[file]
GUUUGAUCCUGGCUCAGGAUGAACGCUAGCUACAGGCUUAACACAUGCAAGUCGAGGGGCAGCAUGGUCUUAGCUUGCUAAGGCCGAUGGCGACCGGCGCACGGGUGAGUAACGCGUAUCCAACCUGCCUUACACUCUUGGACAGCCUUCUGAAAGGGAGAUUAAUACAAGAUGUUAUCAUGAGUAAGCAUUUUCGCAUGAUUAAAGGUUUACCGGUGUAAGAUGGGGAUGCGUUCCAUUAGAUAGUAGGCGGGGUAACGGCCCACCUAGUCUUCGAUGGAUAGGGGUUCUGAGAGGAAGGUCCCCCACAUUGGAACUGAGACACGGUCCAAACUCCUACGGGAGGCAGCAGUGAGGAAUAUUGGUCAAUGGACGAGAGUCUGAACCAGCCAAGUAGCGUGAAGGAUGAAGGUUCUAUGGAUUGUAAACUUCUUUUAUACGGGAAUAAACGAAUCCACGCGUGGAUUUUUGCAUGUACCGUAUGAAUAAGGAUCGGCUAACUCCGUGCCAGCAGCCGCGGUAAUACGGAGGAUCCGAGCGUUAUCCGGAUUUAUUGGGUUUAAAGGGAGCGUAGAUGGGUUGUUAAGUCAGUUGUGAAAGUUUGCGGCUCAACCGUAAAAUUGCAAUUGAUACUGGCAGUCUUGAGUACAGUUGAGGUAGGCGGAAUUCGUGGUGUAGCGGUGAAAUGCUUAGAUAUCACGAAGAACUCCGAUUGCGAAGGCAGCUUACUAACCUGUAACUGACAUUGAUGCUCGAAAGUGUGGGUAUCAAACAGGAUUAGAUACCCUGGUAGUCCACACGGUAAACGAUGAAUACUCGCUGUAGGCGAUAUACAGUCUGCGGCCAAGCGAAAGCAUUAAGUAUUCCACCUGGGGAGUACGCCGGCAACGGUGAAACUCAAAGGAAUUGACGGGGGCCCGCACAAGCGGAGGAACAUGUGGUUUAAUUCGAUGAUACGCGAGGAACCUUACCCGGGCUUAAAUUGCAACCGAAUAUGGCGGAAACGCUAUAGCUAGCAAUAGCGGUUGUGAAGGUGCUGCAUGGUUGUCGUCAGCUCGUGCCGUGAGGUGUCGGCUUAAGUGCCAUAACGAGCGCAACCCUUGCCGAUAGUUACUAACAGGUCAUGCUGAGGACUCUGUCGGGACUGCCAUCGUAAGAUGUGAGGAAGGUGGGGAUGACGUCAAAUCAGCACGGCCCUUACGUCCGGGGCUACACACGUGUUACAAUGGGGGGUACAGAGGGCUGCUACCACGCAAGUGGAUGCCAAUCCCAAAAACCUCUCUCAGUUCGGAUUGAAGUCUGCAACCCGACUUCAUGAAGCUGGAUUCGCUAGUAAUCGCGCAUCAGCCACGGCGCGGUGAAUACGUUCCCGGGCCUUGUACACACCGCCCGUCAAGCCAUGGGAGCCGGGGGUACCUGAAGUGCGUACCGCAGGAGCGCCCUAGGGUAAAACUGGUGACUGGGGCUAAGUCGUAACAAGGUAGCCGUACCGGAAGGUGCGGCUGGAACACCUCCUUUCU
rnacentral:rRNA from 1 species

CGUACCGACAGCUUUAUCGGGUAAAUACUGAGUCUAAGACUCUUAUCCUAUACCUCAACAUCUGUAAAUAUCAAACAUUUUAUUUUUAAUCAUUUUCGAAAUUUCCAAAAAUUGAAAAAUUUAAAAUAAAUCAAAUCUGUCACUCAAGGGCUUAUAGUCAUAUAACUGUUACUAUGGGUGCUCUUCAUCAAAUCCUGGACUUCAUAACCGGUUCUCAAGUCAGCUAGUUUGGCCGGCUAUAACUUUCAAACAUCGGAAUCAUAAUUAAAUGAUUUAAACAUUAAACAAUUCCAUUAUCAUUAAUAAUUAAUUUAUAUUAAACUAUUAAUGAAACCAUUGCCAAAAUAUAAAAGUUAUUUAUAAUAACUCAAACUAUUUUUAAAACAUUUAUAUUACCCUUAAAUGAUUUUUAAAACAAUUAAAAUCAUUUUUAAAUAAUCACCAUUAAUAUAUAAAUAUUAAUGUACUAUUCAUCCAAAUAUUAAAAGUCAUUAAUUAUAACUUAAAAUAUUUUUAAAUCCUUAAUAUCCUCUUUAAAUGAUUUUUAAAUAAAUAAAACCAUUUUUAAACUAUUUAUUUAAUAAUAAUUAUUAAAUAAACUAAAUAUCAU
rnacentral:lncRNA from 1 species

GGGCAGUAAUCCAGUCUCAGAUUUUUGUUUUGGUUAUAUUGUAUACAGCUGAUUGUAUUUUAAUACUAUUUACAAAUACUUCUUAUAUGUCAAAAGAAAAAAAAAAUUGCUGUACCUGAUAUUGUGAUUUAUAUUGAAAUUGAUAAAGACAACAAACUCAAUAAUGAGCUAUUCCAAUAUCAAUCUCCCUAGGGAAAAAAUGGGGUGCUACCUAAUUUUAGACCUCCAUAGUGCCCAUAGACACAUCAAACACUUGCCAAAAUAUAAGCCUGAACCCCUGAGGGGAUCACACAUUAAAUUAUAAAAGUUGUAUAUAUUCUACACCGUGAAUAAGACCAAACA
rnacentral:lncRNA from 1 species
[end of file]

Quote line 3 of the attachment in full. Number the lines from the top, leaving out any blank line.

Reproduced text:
CGUACCGACAGCUUUAUCGGGUAAAUACUGAGUCUAAGACUCUUAUCCUAUACCUCAACAUCUGUAAAUAUCAAACAUUUUAUUUUUAAUCAUUUUCGAAAUUUCCAAAAAUUGAAAAAUUUAAAAUAAAUCAAAUCUGUCACUCAAGGGCUUAUAGUCAUAUAACUGUUACUAUGGGUGCUCUUCAUCAAAUCCUGGACUUCAUAACCGGUUCUCAAGUCAGCUAGUUUGGCCGGCUAUAACUUUCAAACAUCGGAAUCAUAAUUAAAUGAUUUAAACAUUAAACAAUUCCAUUAUCAUUAAUAAUUAAUUUAUAUUAAACUAUUAAUGAAACCAUUGCCAAAAUAUAAAAGUUAUUUAUAAUAACUCAAACUAUUUUUAAAACAUUUAUAUUACCCUUAAAUGAUUUUUAAAACAAUUAAAAUCAUUUUUAAAUAAUCACCAUUAAUAUAUAAAUAUUAAUGUACUAUUCAUCCAAAUAUUAAAAGUCAUUAAUUAUAACUUAAAAUAUUUUUAAAUCCUUAAUAUCCUCUUUAAAUGAUUUUUAAAUAAAUAAAACCAUUUUUAAACUAUUUAUUUAAUAAUAAUUAUUAAAUAAACUAAAUAUCAU